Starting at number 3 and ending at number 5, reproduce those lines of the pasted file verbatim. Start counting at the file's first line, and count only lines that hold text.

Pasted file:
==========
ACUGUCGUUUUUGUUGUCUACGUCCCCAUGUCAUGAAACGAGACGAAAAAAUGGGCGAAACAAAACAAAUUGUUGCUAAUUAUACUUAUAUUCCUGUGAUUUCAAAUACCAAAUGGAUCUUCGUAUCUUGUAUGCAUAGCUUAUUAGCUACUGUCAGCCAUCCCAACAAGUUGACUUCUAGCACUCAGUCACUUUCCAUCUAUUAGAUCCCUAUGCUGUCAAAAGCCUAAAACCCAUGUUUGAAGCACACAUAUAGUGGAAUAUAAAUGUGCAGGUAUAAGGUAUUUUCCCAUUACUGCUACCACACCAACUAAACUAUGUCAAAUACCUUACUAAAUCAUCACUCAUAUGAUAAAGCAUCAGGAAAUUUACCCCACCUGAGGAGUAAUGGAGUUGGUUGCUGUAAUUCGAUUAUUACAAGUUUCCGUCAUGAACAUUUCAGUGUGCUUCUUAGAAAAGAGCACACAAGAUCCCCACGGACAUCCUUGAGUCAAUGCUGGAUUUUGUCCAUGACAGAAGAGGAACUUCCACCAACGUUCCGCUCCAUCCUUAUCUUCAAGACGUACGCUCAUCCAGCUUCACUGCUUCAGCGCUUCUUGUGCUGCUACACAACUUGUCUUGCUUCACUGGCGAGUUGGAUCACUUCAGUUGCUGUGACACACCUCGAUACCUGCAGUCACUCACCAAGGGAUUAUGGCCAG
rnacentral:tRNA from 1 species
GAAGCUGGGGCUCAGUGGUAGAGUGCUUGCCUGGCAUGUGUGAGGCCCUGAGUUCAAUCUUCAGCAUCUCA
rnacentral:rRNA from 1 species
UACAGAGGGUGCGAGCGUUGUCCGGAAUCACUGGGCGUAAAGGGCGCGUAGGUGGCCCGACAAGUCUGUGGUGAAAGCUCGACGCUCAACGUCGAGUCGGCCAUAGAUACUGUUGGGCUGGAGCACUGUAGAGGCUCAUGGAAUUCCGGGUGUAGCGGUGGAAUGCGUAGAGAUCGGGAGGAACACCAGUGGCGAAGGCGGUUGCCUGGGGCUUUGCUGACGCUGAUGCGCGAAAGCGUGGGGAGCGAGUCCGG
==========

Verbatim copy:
GAAGCUGGGGCUCAGUGGUAGAGUGCUUGCCUGGCAUGUGUGAGGCCCUGAGUUCAAUCUUCAGCAUCUCA
rnacentral:rRNA from 1 species
UACAGAGGGUGCGAGCGUUGUCCGGAAUCACUGGGCGUAAAGGGCGCGUAGGUGGCCCGACAAGUCUGUGGUGAAAGCUCGACGCUCAACGUCGAGUCGGCCAUAGAUACUGUUGGGCUGGAGCACUGUAGAGGCUCAUGGAAUUCCGGGUGUAGCGGUGGAAUGCGUAGAGAUCGGGAGGAACACCAGUGGCGAAGGCGGUUGCCUGGGGCUUUGCUGACGCUGAUGCGCGAAAGCGUGGGGAGCGAGUCCGG